Tough love may be an appropriate response in family matters, but boycotting a troubled nation which has become a pariah among the hard-left is not the appropriate response to the Israeli government’s recent decisions regarding religion. The answer is not disengagement, but rather greater engagement with Israel on matters that involve world Jewry. I, too, am furious about the arrogant and destructive threats of the ultra-Orthodox parties in the current government. I, too, would prefer to see a coalition that excluded the ultra-Orthodox parties. I, too, would like to see a high wall of separation that kept the Rabbis out of politics. But I do not live in Israel, and Israel is a democracy. Ultimately it is up to the citizens of Israel to change the current system. The role of American Jews is limited to persuasion, not coercion. In the end, we will be successful in persuading the Israeli people to take the power of religious, coercion out of the hands of the ultra-Orthodox minority because that would not only be good for secular Israelis – who are a majority – but also for religious Israelis. History has proven that separation of state from religion is better not only for the state, but also for religion.

Alan M. Dershowitz, Felix Frankfurter Professor of Law, Emeritus, at Harvard Law School and author of Taking the Stand: My Life in the Law and Electile Dysfunction: A Guide for the Unaroused Voter.

July 15, 2017 | 6 Comments » | 453 views

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6 Comments / 6 Comments

  1. [PM’s] unholy alliance with allegedly holy parties that threaten to leave the coalition.

    Unholy parties form the government.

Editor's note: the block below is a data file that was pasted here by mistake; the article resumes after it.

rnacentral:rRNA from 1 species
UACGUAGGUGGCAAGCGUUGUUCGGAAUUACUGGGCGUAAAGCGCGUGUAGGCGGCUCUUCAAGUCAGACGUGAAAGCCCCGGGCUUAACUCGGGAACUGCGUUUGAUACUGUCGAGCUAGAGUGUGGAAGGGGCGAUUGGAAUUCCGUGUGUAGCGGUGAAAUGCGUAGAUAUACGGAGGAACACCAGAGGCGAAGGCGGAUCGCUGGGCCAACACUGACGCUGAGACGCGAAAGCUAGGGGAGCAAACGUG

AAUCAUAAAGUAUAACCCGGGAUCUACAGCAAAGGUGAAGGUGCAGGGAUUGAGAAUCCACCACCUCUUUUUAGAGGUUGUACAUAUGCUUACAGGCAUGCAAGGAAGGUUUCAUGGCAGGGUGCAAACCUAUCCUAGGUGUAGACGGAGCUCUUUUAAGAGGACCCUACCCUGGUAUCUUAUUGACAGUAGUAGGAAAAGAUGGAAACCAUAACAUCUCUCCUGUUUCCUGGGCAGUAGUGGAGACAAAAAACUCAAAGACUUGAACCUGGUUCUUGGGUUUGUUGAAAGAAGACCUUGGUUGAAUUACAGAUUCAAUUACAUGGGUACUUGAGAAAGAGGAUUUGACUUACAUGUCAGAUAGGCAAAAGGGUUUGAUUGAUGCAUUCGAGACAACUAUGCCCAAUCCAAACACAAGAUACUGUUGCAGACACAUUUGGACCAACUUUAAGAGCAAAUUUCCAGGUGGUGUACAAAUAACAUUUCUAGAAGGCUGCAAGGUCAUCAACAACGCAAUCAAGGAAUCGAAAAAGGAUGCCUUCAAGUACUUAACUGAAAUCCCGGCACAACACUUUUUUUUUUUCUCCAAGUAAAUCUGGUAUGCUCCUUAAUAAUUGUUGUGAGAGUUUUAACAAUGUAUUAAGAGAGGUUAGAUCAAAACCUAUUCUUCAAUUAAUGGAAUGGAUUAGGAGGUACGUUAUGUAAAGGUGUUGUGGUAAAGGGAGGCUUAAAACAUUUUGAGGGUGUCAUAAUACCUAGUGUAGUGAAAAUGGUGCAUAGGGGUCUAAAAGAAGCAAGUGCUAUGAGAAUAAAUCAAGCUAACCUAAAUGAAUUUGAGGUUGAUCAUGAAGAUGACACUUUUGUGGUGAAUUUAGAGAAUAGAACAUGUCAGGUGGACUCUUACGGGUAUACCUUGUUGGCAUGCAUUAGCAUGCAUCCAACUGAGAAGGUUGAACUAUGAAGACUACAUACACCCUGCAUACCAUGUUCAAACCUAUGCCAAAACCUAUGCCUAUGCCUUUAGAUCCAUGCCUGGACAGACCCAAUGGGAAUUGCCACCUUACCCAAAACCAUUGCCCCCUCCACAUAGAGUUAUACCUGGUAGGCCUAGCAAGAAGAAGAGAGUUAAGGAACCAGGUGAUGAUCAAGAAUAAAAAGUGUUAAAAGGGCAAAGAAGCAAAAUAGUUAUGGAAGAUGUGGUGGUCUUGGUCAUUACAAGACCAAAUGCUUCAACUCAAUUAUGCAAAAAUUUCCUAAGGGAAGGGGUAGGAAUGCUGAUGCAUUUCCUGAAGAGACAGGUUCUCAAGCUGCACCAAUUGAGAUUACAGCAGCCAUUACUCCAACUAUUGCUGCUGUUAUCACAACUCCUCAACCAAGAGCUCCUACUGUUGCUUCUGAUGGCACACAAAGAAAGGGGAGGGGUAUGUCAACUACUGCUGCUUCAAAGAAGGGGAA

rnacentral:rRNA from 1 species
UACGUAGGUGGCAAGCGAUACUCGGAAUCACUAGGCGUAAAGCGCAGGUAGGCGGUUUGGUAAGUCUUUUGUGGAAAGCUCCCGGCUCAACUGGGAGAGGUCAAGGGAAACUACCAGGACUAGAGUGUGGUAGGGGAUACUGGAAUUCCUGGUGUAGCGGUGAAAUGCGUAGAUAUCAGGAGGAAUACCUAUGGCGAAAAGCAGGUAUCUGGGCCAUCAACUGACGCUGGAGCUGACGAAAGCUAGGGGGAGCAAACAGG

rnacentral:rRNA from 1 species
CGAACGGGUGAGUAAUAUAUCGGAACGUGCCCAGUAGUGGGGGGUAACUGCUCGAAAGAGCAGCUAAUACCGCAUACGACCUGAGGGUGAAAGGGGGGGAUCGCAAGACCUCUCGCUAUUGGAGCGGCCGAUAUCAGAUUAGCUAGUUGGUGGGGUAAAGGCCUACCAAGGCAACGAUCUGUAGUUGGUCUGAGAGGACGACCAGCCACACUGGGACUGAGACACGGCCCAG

Unholy parties stalk to replace the government.

    The Big Government coalition.

  2. Taking all of the above into account, Israel’s policy is to allow freedom of religion to all and any. That includes reformist Jews, whether the haredi Jews like it or not. The law is quite clear, but of course politics is above the law. Let the coalition fall if this is the reason, not because I particularly like reformist Jews or hate haredi Jews. It’s tough, but then again, haredi Jews might be able to convert or otherwise influence reformist Jews who come to pray at the Kotel. Bibi, show some spine and do the right thing. Even if they are misinformed or worse, they are still our brothers and sisters, and I’m quite sure that they will not be able to convert anyone from Meah Shearim.

  3. I definitely oppose the Government involving itself in religious issues like marriage.

    It’s not the Government’s job — you know, under pressure from Big Government, religious wackos — to make odious political statements such as ‘The only kind of marriage that is valid is exclusively that between one man and one woman’.

    If some rabbi doesn’t want to recognize (officiate at!) the marriage of a man and a fish, he doesn’t have to. But I have NO problem with other parties forming such a union (though I might find it a bit ridiculous).

    I also don’t like it when the political left tries to use Big Government to force other people to recognize their non-traditional unions, i.e. anti-discrimination laws.

  4. @ Abolish_public_education:
    I, myself, never married either. Though that didn’t preclude long term relationships, even if we were anarchists (and Communists — the only difference is the state) who believed in free love. I did live with a girl once. For almost a year! Aaah, youth.

    Now, if this weren’t the tenth anniversary of my quitting smoking and they had said the Ultra-Orthodox Rabbinate were to have control over smoking — kind of like Bloomberg on steroids, I guess — well, I might sympathize. A little.

    Time was, I’d walk a mile for a camel. Musta’ been my middle eastern heritage.